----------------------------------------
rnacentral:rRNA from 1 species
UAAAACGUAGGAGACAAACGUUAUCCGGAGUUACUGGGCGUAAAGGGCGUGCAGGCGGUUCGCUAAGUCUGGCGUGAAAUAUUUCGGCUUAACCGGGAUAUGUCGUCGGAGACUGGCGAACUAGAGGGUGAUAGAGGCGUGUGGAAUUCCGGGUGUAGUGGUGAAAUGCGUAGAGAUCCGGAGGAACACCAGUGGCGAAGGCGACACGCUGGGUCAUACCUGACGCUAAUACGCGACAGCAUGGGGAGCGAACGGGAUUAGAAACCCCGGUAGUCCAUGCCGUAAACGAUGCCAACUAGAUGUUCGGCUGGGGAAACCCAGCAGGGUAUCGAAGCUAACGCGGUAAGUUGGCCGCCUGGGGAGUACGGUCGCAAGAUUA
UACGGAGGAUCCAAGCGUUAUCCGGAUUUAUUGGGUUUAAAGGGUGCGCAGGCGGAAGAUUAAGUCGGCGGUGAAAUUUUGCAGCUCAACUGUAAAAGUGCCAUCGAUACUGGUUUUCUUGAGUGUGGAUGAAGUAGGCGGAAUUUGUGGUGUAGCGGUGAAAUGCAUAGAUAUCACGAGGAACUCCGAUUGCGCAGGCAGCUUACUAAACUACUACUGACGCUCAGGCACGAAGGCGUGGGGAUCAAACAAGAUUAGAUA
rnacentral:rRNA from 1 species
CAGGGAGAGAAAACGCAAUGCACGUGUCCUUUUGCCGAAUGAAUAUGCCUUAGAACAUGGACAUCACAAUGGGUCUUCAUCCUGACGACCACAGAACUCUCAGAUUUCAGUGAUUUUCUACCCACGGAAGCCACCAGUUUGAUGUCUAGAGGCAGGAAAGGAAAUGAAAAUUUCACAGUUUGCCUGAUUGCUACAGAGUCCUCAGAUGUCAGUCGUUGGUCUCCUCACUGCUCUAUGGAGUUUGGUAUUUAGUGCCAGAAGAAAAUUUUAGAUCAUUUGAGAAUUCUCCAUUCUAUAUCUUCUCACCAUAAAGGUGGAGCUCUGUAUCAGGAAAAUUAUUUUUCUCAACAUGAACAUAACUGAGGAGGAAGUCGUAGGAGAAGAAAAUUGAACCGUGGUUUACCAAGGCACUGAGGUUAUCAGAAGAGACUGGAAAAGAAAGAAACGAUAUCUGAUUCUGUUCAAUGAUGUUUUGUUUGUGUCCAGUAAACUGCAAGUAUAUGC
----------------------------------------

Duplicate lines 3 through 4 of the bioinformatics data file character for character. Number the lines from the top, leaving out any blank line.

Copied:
UACGGAGGAUCCAAGCGUUAUCCGGAUUUAUUGGGUUUAAAGGGUGCGCAGGCGGAAGAUUAAGUCGGCGGUGAAAUUUUGCAGCUCAACUGUAAAAGUGCCAUCGAUACUGGUUUUCUUGAGUGUGGAUGAAGUAGGCGGAAUUUGUGGUGUAGCGGUGAAAUGCAUAGAUAUCACGAGGAACUCCGAUUGCGCAGGCAGCUUACUAAACUACUACUGACGCUCAGGCACGAAGGCGUGGGGAUCAAACAAGAUUAGAUA
rnacentral:rRNA from 1 species